European Labor and Productivity Between All-Out War and Active Participation
We refuse to hand over the working class of our country, tied hand and foot, to international capitalism and its strategies.
CGT-FO Congress ( October 1952)
The speech of the American Secretary of State George Marshall at Harvard in June 1947 had helped to crystallize, we argued, a division of the world already in the making. This division scarred the European continent for more than forty years. The demarcation line between a communist and a 'free' Europe coincided with the border setting apart European countries participating in the Marshall scheme from those that did not. This geopolitical split also had a significant impact on the internal political balance of power within a number of 'free' European countries. In France and in Italy, Communist Party members were ousted from governing coalitions in 1947 in anticipation of the launching of the American assistance scheme. Communist parties settled in the opposition denouncing and resisting, sometimes quite violently, American involvement in Western Europe and the Marshall plan. In both countries, communist parties had close links with national labor movements. A significant share of labor therefore also came to systematically oppose transformations on the industrial scene having something to do with the Marshall plan or having clear American origins. Such systematic resistance was in the end highly political and little could be done to tone it down. Members of the cross- national modernizing network, in fact, generally chose to try and bypass communist actors rather than counter them. Both in France and in Italy, members of the American administration set out to identify and help--or even to create--labor groups with whom they could work and cooperate.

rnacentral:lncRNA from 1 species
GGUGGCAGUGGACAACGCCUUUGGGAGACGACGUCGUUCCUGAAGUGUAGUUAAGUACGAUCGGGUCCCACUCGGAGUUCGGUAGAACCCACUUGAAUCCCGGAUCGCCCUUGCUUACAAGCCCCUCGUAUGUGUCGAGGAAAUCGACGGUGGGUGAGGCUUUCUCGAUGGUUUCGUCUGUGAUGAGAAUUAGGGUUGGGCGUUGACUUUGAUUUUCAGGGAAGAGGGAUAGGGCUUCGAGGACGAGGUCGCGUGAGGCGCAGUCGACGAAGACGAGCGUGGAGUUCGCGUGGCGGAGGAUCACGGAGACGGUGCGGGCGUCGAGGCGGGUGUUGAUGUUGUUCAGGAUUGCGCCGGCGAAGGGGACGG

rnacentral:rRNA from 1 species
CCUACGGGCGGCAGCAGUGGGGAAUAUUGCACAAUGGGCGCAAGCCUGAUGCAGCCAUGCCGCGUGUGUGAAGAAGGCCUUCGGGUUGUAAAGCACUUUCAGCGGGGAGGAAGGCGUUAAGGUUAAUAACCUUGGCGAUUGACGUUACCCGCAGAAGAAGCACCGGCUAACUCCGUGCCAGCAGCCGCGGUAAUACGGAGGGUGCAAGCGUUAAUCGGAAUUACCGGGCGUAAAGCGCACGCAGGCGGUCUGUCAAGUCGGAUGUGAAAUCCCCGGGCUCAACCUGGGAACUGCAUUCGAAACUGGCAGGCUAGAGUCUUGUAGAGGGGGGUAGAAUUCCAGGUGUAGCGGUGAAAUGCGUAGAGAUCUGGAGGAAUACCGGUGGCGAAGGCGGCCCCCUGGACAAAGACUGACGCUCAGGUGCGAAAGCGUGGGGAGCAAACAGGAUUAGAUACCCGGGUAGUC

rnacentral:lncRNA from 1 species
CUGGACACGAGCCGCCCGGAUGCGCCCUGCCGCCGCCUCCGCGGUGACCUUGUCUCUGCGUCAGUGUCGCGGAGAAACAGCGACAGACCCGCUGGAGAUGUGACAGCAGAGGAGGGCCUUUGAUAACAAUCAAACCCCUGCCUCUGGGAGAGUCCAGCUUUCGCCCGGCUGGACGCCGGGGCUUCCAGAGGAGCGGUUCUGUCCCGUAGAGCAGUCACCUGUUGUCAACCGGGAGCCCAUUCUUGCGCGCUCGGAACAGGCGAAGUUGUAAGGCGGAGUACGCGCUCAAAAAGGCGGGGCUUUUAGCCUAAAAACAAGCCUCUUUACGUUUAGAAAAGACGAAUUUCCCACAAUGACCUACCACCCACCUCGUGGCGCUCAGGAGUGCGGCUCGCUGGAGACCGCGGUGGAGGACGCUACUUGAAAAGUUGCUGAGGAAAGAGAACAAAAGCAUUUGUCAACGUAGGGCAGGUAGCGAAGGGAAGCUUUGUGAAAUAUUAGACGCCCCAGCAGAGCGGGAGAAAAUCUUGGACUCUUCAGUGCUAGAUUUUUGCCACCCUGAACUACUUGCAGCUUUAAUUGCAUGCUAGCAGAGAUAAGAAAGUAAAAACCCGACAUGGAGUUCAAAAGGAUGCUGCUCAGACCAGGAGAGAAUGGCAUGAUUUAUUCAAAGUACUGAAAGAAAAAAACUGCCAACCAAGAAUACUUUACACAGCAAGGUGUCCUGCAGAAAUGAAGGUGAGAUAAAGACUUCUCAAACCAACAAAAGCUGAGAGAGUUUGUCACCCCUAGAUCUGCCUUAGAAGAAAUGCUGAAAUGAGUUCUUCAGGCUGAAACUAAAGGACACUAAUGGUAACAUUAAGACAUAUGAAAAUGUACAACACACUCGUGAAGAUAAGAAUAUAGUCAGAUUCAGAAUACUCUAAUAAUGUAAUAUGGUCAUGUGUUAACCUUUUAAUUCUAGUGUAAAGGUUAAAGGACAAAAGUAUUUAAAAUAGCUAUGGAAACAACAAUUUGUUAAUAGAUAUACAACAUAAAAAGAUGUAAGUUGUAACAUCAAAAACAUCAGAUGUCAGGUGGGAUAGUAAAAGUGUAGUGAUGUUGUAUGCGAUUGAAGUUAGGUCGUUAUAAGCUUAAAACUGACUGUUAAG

In West Germany, communist influence was much less of an issue on the national scene. The geopolitical division of the world had led to the creation of two German countries out of the former German Reich. In the western territories of Germany, soon to become the Federal Republic of Germany, the geopolitical division reduced communist influence and contributed to uniting the labor movement. In the geopolitical confrontation, West German labor clearly took sides against the communist bloc. This did not mean, however that labor organizations accepted and supported unreservedly American involvement in European and West German economic affairs. They joined forces in